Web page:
Because of all the other chicken stuff going on, I haven't mentioned Rooster-o has been sick. He's our first, and smallest rooster and usually doesn't like to be handled. The one with the biggest wattles. For this reason (and because birds in general are pretty good at hiding their symptoms) we didn't realize he had lost a lot of weight. Several weeks ago Rick found him in a very debilitated state and we brought him in to be nursed back to health. I feel badly that I did not notice this sooner.

When an adult chicken is underweight from illness and not eating, I cook scrambled eggs with a little nutritional yeast sprinkled in for them. I know this sounds strange, except egg is what they eat inside the egg, so it is their first complete food. After a few days of seeing they will eat this, I begin top this with fresh chopped cabbage, grated carrot, crushed garlic, and sliced grapes or raisins, a little parsley.

Upon close observation of Rooster-o, it appeared his extremely hooked bill was making it very difficult to eat the pellets. I used the dog toenail trimmers to remove the tip and an emery board to sand the edges down. I figured he would resist, but he got a very pleased and relaxed look on his face during the process, not unlike how I must look when I get a professional pedicure! I think I can probably safely take a little more off now, and will add this to my monthly routines.

Before trimming...

After trimming.

He's doing much better, and is back out in his apartment in the main coop today, but still getting room service!

Thursday, April 16, 2009


Yesterday morning Farmer Rick left the door to the chicks unsecured and Francisco killed five before I came to their rescue. I had left the house and fortunately returned for something I'd forgotten, or else they all would be dead. I am extremely angry at FR's lack of mindfulness, and saddened by the loss (as he is). We had a good cry when we buried them.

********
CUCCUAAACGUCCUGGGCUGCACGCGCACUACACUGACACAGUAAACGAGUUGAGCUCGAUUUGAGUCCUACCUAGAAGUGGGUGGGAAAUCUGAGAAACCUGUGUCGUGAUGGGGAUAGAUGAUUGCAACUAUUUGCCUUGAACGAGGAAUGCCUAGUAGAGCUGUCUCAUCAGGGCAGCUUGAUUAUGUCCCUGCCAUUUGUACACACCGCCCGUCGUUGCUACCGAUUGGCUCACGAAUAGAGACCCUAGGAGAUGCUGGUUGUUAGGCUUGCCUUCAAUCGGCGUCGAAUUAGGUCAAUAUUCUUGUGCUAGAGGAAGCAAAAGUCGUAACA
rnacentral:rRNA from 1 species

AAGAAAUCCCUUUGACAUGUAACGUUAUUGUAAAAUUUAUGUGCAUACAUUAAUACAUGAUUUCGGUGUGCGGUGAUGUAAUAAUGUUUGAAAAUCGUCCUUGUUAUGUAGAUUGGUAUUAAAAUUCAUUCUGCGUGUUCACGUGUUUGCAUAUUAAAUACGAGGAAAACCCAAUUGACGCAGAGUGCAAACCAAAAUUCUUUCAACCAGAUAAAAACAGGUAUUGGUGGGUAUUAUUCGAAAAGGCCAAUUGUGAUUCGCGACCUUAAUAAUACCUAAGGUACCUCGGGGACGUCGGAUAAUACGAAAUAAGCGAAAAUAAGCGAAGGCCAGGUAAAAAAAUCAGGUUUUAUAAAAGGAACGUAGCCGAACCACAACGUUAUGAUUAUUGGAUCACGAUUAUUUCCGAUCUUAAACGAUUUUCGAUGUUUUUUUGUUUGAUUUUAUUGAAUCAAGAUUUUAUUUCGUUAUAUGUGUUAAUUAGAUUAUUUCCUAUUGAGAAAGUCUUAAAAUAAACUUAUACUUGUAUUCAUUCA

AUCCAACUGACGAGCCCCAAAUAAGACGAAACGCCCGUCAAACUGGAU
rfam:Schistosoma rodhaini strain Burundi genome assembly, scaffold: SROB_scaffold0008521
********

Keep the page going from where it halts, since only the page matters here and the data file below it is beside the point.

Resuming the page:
It's too bad all our rescue dogs are hunting breeds instead of shepherding breeds.

Among the dead was Emma, the little Marans whose feet I taped every night and was finally walking fairly normally (she walked like a wind up toy), the most precocious Brabanter that flew to the tub side to see me every time I entered the room, a Buff Laced and a Silver Laced Polish, and the pesky Buff Orpington I didn't order who was finally settling down. Between the hatchery mix up, original losses, and this, my breeding plans are all messed up!

On top of the already heavy day, the replacement peeps showed up, a day before expected. I had just spoken to the hatchery Monday and they assured me the chicks were shipping Wednesday, not arriving Wednesday. The hatchery had asked if it was OK to put "a couple" of extra males in for warmth, and I said OK since they had sold out of any other hens I wanted. What I got was eight extra males of a same--but as yet unknown--breed! Since when is eight a couple? Now what on earth am I going to do with all those roosters?